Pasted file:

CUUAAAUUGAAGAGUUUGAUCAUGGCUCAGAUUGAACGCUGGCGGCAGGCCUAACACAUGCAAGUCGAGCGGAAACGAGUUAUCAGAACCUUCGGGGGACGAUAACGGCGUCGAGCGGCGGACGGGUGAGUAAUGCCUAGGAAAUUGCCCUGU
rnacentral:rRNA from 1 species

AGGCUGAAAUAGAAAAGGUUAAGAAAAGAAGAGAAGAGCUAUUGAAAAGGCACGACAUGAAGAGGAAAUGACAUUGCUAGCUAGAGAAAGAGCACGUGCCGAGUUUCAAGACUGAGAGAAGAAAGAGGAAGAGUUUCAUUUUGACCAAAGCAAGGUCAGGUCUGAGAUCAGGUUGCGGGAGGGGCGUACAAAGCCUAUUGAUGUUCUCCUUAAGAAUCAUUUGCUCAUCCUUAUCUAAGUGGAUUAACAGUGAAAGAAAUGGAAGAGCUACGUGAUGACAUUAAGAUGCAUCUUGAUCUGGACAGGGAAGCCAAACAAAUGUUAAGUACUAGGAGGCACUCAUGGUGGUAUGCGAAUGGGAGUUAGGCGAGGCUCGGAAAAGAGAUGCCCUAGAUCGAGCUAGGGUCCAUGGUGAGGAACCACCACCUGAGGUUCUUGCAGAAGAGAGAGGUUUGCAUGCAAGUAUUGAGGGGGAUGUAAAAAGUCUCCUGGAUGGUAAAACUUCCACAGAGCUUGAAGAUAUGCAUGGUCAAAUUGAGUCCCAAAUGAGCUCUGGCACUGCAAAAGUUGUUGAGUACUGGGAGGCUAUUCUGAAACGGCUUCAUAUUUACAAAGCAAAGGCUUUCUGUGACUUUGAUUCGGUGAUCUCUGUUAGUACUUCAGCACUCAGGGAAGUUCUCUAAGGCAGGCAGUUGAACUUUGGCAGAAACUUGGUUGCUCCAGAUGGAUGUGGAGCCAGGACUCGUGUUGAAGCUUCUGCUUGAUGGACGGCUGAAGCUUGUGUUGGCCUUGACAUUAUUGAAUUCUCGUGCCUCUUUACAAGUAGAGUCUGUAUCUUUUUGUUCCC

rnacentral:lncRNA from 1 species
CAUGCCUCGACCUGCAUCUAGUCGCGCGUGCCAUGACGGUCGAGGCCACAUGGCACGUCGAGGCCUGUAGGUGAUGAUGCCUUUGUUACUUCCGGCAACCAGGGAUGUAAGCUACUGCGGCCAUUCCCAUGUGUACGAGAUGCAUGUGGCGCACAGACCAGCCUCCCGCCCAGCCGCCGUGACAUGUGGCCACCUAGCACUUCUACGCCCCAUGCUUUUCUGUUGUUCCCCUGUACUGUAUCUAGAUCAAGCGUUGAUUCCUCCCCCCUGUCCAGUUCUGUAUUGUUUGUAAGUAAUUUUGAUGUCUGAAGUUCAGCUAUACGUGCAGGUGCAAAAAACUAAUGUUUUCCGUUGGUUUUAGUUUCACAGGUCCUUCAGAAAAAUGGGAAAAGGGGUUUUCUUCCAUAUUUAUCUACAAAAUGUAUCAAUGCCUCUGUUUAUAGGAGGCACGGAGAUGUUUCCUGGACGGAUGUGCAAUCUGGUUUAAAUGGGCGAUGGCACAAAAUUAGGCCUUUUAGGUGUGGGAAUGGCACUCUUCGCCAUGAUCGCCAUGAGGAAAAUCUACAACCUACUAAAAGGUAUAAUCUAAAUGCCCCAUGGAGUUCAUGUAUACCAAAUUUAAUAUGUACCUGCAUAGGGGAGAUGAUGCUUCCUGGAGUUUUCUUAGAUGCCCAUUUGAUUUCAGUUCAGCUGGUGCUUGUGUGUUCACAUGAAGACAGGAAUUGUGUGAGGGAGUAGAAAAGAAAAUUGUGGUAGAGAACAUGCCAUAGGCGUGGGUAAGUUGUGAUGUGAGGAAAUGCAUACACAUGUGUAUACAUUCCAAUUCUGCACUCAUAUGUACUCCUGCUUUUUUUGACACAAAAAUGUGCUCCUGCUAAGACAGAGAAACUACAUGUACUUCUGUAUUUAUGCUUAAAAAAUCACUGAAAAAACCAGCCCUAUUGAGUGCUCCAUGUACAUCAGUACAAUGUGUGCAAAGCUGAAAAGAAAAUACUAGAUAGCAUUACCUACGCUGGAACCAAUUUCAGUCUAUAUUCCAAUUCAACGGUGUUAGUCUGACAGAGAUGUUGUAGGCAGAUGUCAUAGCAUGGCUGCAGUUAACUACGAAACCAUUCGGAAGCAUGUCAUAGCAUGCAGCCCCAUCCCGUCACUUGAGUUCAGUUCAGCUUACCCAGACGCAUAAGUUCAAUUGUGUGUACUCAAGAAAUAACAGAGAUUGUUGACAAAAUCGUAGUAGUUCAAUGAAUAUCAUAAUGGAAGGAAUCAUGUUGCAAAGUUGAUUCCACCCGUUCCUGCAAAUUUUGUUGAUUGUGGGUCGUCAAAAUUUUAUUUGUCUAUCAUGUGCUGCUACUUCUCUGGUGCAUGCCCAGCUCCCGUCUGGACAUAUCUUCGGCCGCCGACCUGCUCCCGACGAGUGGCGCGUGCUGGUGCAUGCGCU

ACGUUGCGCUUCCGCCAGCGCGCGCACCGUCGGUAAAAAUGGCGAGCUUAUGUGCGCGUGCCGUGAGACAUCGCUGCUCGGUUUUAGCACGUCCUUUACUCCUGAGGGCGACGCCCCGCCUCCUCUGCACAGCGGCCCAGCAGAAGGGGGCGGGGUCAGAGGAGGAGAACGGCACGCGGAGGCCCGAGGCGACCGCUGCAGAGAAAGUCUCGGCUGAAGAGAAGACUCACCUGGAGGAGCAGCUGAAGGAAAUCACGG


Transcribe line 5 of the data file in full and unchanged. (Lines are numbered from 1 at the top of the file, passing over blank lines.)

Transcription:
CAUGCCUCGACCUGCAUCUAGUCGCGCGUGCCAUGACGGUCGAGGCCACAUGGCACGUCGAGGCCUGUAGGUGAUGAUGCCUUUGUUACUUCCGGCAACCAGGGAUGUAAGCUACUGCGGCCAUUCCCAUGUGUACGAGAUGCAUGUGGCGCACAGACCAGCCUCCCGCCCAGCCGCCGUGACAUGUGGCCACCUAGCACUUCUACGCCCCAUGCUUUUCUGUUGUUCCCCUGUACUGUAUCUAGAUCAAGCGUUGAUUCCUCCCCCCUGUCCAGUUCUGUAUUGUUUGUAAGUAAUUUUGAUGUCUGAAGUUCAGCUAUACGUGCAGGUGCAAAAAACUAAUGUUUUCCGUUGGUUUUAGUUUCACAGGUCCUUCAGAAAAAUGGGAAAAGGGGUUUUCUUCCAUAUUUAUCUACAAAAUGUAUCAAUGCCUCUGUUUAUAGGAGGCACGGAGAUGUUUCCUGGACGGAUGUGCAAUCUGGUUUAAAUGGGCGAUGGCACAAAAUUAGGCCUUUUAGGUGUGGGAAUGGCACUCUUCGCCAUGAUCGCCAUGAGGAAAAUCUACAACCUACUAAAAGGUAUAAUCUAAAUGCCCCAUGGAGUUCAUGUAUACCAAAUUUAAUAUGUACCUGCAUAGGGGAGAUGAUGCUUCCUGGAGUUUUCUUAGAUGCCCAUUUGAUUUCAGUUCAGCUGGUGCUUGUGUGUUCACAUGAAGACAGGAAUUGUGUGAGGGAGUAGAAAAGAAAAUUGUGGUAGAGAACAUGCCAUAGGCGUGGGUAAGUUGUGAUGUGAGGAAAUGCAUACACAUGUGUAUACAUUCCAAUUCUGCACUCAUAUGUACUCCUGCUUUUUUUGACACAAAAAUGUGCUCCUGCUAAGACAGAGAAACUACAUGUACUUCUGUAUUUAUGCUUAAAAAAUCACUGAAAAAACCAGCCCUAUUGAGUGCUCCAUGUACAUCAGUACAAUGUGUGCAAAGCUGAAAAGAAAAUACUAGAUAGCAUUACCUACGCUGGAACCAAUUUCAGUCUAUAUUCCAAUUCAACGGUGUUAGUCUGACAGAGAUGUUGUAGGCAGAUGUCAUAGCAUGGCUGCAGUUAACUACGAAACCAUUCGGAAGCAUGUCAUAGCAUGCAGCCCCAUCCCGUCACUUGAGUUCAGUUCAGCUUACCCAGACGCAUAAGUUCAAUUGUGUGUACUCAAGAAAUAACAGAGAUUGUUGACAAAAUCGUAGUAGUUCAAUGAAUAUCAUAAUGGAAGGAAUCAUGUUGCAAAGUUGAUUCCACCCGUUCCUGCAAAUUUUGUUGAUUGUGGGUCGUCAAAAUUUUAUUUGUCUAUCAUGUGCUGCUACUUCUCUGGUGCAUGCCCAGCUCCCGUCUGGACAUAUCUUCGGCCGCCGACCUGCUCCCGACGAGUGGCGCGUGCUGGUGCAUGCGCU